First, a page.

Humans of Academy: Alexa and Amelia Traviesa Summit Mount Kilimanjaro

September 21, 2017

Amelia Traviesa was the 10th fifteen year-old in the word to summit Kilimanjaro. Credit: Alexa Traviesa/ Achona Online

Amelia Traviesa was the 10th fifteen year-old in the word to summit Kilimanjaro. Credit: Alexa Traviesa/ Achona Online

On July 1, 2017, Alexa (‘18) and Amelia (‘20) Traviesa traveled to Tanzania, Africa to climb and summit Mount Kilimanjaro. The 19,341-foot mountain hike was a journey dedicated to the children of Collaboratory Prep, along with the help of numerous donors. The proceeds went to the Collaboratory Prep School in order to provide an education and strong future to the less fortunate children in the Tampa area.   

 

Upon their arrival home, Achona received the chance to chat with the Traviesas about their unique experience.

What was your reasoning for climbing Kilimanjaro?

Alexa: “My dad wanted to give my sister and me a once in a lifetime experience, and we had always talked about going to Africa. He was also opening a charter school, Collaboratory Prep, and needed help raising money. He thought climbing Kilimanjaro would be a great way to do both. When he officially asked me if I wanted to go he looked very excited, and I immediately said yes without thinking. As the trip got closer, I became very nervous and started to regret my answer.”

Amelia visits with the students of Collaboratory Prep upon her return home. Credit: Alexa Traviesa/ Achona Online

 

How did you prepare for the journey?

Amelia: “Everyday, we had to walk for two hours on the treadmill with the maximum incline, an oxygen restricting mask, and 15 pounds in our backpacks. We also had to wear our hiking boots to break them in. As for packing, we had to bring plenty of warm clothes, none of which were allowed to be cotton. Each we packed had to consist of about four layers.”

“We would often get weird looks from people in the gym when we would wear our backpacks and masks while on the treadmill.” says Alexa. Credit: Alexa Traviesa/ Achona Online

 

What was arriving to Africa like?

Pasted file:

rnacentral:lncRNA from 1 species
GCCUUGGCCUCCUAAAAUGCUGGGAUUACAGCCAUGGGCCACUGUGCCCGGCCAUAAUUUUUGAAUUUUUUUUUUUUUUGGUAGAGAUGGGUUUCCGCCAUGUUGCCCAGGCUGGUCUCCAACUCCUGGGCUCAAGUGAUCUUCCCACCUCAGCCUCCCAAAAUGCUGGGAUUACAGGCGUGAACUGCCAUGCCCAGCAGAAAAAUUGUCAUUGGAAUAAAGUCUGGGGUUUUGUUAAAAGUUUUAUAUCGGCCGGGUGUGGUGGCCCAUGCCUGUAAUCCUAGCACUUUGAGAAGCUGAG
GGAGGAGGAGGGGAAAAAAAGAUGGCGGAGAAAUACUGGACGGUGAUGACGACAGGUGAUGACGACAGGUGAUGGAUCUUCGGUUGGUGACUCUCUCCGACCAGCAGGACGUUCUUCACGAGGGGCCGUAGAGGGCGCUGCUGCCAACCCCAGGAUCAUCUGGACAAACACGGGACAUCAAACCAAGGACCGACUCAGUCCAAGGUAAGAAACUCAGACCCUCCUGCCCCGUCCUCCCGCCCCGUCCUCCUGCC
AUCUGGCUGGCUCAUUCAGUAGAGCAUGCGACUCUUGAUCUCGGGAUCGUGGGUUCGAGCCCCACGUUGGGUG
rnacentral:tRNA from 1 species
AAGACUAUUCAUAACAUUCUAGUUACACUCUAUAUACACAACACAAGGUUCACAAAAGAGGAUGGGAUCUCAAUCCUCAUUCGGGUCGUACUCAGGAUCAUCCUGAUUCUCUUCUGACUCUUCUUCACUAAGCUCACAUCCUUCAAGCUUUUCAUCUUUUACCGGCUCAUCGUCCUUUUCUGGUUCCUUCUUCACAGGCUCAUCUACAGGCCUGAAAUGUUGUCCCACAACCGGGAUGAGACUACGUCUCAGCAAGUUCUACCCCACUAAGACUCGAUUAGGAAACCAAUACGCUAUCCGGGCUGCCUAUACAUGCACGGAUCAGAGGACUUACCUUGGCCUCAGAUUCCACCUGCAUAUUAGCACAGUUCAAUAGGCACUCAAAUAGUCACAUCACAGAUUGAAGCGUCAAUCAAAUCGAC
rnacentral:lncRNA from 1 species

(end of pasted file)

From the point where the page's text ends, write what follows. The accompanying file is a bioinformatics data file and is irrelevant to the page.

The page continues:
Amelia: “The Arusha airport was the most overwhelming thing I’ve ever experienced. Our plane had held 300 people, and everyone was shoved into this tiny airport. There was no air conditioning, and only two booths to check your passports. We arrived really early in the morning, so everything was dark, and the roads were very bumpy.

It took a total of 14 hours for the Traviesas to reach Africa. Credit: Alexa Traviesa/ Achona Online

 

What was your average day like?

Alexa: “We would wake up everyday around 8:00am, eat breakfast, and begin to climb. Each climb would last about three to six hours, and we would take breaks. Once we reached our campsite, we would shower and prepare for the next day.”

“We slept in zero degree tents and sleeping bags, but food was very good. We ate a lot of pasta, fried rice, sandwiches, potatoes, and fruit.” says Amelia. Credit: Alexa Traviesa/ Achona Online

 

What was the hardest day and why?

Alexa: “The most difficult day for us was day eight. We woke up early to climb the Western breach, which is the steepest, most challenging, and most dangerous way to scale Uluru Peace, which is the summit. It had no trail, and was all ice, boulders, and scree. We had to crawl in between rocks and balance on ledges with 10,000 foot drops. We aso had to watch our guides every move to make sure to step where they did. The climb was nine hours long, and we only took two breaks.”

Amelia: “The Western breach was the hardest for me. I began to get very hot, I had not eaten a lot that day, and I was getting very anxious. Our guide then pulled me aside, reminded me that my body was just getting used to the altitude, and it was sending me messages to get off the mountain because I was out of my comfort zone. Every step I took felt like ten.

In January of 2006, 3 Americans died on the Western Breach. They were pumped by rock fall and fell off the ledge. Credit: Alexa Traviesa/ Achona Online

 

How did you feel when you reached the summit?

Alexa: “I had never felt more accomplished in my life, and my dad and I hugged for a full five minutes. He just looked at my sister and me and said, ‘girls, we did it.’”

Amelia: “I felt like I could conquer the world, and realized that I could overcome anything.”

Due to the lack of oxygen, the Traviesas were allowed to stay at the summit for only 20 minutes. Credit: Alexa Traviesa/ Achona Online

 

What inspired you most from the trip?

Amelia: “The porters for sure. They were the happiest people on the trip, and they were surviving with so little. They would only wear jeans and a sweatshirt, and would carry all of our things for us.”

The Traviesas trained for two months prior to climbing. Credit: Alexa Traviesa/ Achona Online

 

What did you take away from your experience?

Alexa: “This trip has made me view my life and all of my priorities in another perspective. After summiting, I felt as if I could do anything, and I realized that nothing is impossible. I gained a new sense of hope for myself. Having the opportunity to participate on such an amazing journey is something that I will remember for the rest of my life.”

Amelia: “I learned that if I set my mind to something, I can do it no matter what anyone says. Any goal that I have is all mental. If I tell myself I can do something, my body will just do it.

Fun fact: While climbing the mountain, Alexa ran into Harrison Ford three times. Credit: Alexa Traviesa/ Achona Online

 

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